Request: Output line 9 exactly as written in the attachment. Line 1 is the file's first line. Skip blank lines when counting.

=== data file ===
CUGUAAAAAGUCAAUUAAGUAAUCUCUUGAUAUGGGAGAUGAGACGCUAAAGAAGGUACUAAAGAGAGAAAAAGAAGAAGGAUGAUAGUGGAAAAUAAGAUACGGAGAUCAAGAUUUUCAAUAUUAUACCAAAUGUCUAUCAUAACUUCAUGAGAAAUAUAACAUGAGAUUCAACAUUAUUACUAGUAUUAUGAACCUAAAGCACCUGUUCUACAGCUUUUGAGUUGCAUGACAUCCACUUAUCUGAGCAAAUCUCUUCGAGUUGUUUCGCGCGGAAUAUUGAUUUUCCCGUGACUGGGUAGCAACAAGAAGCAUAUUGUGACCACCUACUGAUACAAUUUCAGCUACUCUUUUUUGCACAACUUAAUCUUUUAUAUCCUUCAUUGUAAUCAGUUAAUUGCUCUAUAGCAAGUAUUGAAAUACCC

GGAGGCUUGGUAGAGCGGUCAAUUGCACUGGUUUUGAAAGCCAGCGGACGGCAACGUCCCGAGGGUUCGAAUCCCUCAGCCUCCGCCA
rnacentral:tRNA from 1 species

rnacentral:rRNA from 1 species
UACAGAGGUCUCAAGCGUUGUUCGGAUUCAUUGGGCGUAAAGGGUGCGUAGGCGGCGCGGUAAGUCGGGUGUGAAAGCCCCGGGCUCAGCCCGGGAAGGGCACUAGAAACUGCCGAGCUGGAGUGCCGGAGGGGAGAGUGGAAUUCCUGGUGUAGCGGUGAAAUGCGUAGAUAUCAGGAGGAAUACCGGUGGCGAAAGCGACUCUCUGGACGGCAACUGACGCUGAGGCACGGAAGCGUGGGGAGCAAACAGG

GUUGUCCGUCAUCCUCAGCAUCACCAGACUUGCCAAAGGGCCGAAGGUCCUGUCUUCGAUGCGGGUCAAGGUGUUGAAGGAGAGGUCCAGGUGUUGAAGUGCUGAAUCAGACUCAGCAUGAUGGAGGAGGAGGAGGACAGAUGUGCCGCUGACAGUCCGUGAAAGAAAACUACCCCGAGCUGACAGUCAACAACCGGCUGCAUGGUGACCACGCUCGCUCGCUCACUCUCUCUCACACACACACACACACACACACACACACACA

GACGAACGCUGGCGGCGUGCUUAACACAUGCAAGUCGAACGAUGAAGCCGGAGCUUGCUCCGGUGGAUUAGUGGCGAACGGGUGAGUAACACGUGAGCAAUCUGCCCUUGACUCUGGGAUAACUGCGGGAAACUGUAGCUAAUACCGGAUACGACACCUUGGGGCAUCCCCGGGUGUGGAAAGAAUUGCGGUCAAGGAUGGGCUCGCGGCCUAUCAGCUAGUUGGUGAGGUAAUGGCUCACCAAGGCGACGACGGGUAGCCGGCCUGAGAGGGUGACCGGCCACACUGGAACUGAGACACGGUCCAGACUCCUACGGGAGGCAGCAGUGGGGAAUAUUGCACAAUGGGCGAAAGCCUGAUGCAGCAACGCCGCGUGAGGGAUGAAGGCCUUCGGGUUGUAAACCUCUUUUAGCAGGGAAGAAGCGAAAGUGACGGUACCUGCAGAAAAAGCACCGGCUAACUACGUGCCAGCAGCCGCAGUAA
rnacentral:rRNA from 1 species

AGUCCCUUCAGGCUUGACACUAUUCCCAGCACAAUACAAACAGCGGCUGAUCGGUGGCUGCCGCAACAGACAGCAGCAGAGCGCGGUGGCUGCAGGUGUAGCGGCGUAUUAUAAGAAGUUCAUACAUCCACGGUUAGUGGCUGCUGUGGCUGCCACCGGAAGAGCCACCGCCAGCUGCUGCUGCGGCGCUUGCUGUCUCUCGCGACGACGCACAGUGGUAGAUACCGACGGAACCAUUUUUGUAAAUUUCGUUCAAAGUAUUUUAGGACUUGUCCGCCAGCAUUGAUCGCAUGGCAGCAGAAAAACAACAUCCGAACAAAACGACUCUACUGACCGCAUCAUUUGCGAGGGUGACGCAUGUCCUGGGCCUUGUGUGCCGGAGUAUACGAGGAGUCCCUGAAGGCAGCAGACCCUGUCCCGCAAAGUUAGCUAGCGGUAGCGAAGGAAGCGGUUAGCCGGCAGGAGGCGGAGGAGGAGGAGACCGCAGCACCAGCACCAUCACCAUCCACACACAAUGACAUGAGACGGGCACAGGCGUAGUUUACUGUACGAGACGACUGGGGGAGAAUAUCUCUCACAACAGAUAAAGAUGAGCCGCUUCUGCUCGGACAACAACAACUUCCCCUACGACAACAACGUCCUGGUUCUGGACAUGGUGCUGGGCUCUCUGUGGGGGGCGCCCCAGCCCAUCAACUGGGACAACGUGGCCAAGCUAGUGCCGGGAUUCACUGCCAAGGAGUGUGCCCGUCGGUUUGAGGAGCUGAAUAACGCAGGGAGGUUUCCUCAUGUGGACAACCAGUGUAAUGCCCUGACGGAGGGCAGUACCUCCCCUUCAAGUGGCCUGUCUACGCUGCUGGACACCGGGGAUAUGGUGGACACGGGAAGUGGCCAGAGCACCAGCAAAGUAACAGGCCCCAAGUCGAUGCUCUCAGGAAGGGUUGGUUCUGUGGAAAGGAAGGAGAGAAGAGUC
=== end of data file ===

AGUCCCUUCAGGCUUGACACUAUUCCCAGCACAAUACAAACAGCGGCUGAUCGGUGGCUGCCGCAACAGACAGCAGCAGAGCGCGGUGGCUGCAGGUGUAGCGGCGUAUUAUAAGAAGUUCAUACAUCCACGGUUAGUGGCUGCUGUGGCUGCCACCGGAAGAGCCACCGCCAGCUGCUGCUGCGGCGCUUGCUGUCUCUCGCGACGACGCACAGUGGUAGAUACCGACGGAACCAUUUUUGUAAAUUUCGUUCAAAGUAUUUUAGGACUUGUCCGCCAGCAUUGAUCGCAUGGCAGCAGAAAAACAACAUCCGAACAAAACGACUCUACUGACCGCAUCAUUUGCGAGGGUGACGCAUGUCCUGGGCCUUGUGUGCCGGAGUAUACGAGGAGUCCCUGAAGGCAGCAGACCCUGUCCCGCAAAGUUAGCUAGCGGUAGCGAAGGAAGCGGUUAGCCGGCAGGAGGCGGAGGAGGAGGAGACCGCAGCACCAGCACCAUCACCAUCCACACACAAUGACAUGAGACGGGCACAGGCGUAGUUUACUGUACGAGACGACUGGGGGAGAAUAUCUCUCACAACAGAUAAAGAUGAGCCGCUUCUGCUCGGACAACAACAACUUCCCCUACGACAACAACGUCCUGGUUCUGGACAUGGUGCUGGGCUCUCUGUGGGGGGCGCCCCAGCCCAUCAACUGGGACAACGUGGCCAAGCUAGUGCCGGGAUUCACUGCCAAGGAGUGUGCCCGUCGGUUUGAGGAGCUGAAUAACGCAGGGAGGUUUCCUCAUGUGGACAACCAGUGUAAUGCCCUGACGGAGGGCAGUACCUCCCCUUCAAGUGGCCUGUCUACGCUGCUGGACACCGGGGAUAUGGUGGACACGGGAAGUGGCCAGAGCACCAGCAAAGUAACAGGCCCCAAGUCGAUGCUCUCAGGAAGGGUUGGUUCUGUGGAAAGGAAGGAGAGAAGAGUC